Columbus Fire Marshal Ricky Shores issued a ban on outdoor burning about a week-and-a-half ago in response to conditions caused by the extended drought.
Tuesday’s rain and the rain expected Wednesday will not necessarily be enough for Shores to lift the ban.
“I have to talk to the Georgia Forestry (Commission) people and get their take on it,” Shores said Tuesday. “We’ll evaluate the ground moisture content and make a decision.
“Our intention is to lift the ban as soon as possible, but not just yet.”
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The ban prohibits any outdoor fires not contained in a chimney or outdoor masonry fireplace, Shores said. Cooking on grills is allowed, but users should prepared to extinguish any sparks, and charcoal should be thoroughly doused before it’s discarded.
“People can still burn if it’s enclosed, screened-in,” Shores said. “They just can’t have open pit fires.”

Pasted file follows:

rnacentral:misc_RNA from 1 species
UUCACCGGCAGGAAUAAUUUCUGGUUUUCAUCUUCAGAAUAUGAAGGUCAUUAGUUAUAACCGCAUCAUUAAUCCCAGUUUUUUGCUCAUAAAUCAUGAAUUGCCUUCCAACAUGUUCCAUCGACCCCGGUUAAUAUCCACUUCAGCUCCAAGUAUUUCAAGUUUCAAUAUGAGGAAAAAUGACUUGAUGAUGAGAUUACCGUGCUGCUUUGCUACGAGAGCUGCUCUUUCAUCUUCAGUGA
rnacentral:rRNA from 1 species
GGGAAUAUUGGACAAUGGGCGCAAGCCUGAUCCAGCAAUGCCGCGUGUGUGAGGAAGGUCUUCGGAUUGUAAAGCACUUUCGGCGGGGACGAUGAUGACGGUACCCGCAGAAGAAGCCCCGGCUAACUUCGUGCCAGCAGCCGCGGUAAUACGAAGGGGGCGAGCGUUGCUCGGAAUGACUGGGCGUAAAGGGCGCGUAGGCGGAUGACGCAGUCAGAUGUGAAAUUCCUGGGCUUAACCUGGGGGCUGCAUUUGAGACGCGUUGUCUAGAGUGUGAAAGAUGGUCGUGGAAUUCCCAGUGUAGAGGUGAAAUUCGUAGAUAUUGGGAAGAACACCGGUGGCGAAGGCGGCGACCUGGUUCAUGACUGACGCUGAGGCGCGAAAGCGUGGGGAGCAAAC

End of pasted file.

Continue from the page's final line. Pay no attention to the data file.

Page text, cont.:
Shores said people can look at what is happening in Gatlinburg, Tenn., and other such areas to see how dangerous and damaging wildfires can be.
Tuesday’s storms brought an inch to two inches of rain, depending on where you are in the Chattahoochee Valley, according to Bob Jeswald, chief meteorologist at WRBL. And Wednesday’s expected storms could bring in a similar amount of rain.
Even with a few inches of rain, the area will remain about 10 inches behind normal annual rainfall for the year, Jeswald said.
“The drought is not over,” Jeswald said. “What we’re seeing now is just some relief. It will take months of us getting substantial rain every week to catch up.
Things should clear up here Thursday, Friday and Saturday, Jeswald said, before more storms move into the area Sunday and Monday.